Things to Think About When Layering This Fall

Windstopper layerEverybody knows that layers are important. It’s not some secret of the trade, or a lesson learned by spending years in the wilderness. It’s something that elementary school children hear as they head out the door towards the bus stop on a brisk fall morning. One of those things that every grown adult knows good and well, unless they happen to live along the equator. Of course, knowing the importance of layering is different than knowing how to layer properly. Layering the right way can get tricky from time to time, especially in the buffer seasons. Here are some things to think about when layering this fall.

Put all of the pieces together.

Your standard layering set up is this:

  • Base layer that manages perspiration
  • Mid layer that provides insulation
  • Outer layer that provides protection fro wind/moisture

Of course, colder days call for more insulation, and wetter days call for more resilient outer layers. Plan your layering accordingly. Skip out on one of these layers, and you’re going to have a bad day.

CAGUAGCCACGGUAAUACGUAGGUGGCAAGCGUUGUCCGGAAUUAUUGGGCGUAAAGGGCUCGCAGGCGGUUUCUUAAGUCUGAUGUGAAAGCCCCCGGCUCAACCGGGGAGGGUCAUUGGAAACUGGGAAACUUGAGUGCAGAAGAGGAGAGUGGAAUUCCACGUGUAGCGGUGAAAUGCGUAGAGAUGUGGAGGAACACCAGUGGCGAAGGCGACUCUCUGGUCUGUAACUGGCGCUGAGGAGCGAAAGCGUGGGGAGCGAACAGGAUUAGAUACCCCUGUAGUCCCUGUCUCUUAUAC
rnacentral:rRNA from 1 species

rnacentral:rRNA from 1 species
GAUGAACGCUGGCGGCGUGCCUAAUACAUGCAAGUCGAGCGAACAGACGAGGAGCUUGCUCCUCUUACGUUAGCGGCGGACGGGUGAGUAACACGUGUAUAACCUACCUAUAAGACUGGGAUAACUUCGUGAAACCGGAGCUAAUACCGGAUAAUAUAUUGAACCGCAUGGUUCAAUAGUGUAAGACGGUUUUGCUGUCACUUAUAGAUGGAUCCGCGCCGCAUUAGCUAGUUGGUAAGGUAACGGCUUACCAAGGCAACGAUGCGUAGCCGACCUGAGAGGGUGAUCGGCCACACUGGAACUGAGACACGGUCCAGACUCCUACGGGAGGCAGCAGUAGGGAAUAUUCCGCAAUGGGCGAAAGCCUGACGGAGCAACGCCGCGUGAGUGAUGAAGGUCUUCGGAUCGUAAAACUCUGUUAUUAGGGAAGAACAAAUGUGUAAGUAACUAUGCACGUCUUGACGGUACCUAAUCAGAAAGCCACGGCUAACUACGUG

The sun sets earlier and earlier.

The autumnal equinox is long gone, and days are progressively getting shorter. As soon as the sun sets behind those hills, you’ll be grabbing for your coat, or wishing you had brought one. Keep mind how long you will be out, and what time the sun goes down when leaving the house or hitting the trail.

The wind shows no mercy.

Cold winds cut to the bone. Don’t rely on that sweater to keep you cozy on a cold and windy fall day. The wind loves sweaters and creeps through each and every little gap in the yarn. Either wear extra layers on windy days, or consider a windproof shell. Hard shells are great for keeping wind and moisture away.

It’s better to start cold on active pursuits.

If you’re sitting around a campfire, start out as roasty-toasty as you please. If you’re hiking, running, cycling, or doing some other activity that gets your heart rate up, it’s better to start a little cool. Moving gets the blood pumping and raises your body temperature. You will, of course, have to shed layers as you go, but limit the number that you have to get rid of.

Where do all the extra layers go?

There’s a reason you put on layers. You peel them off as you go to help regulate your body temperature. So what do you do with the layers as you shed them? Carry them around in your arms like a simpleton? Have a game plan and a way to carry your excess layers around.

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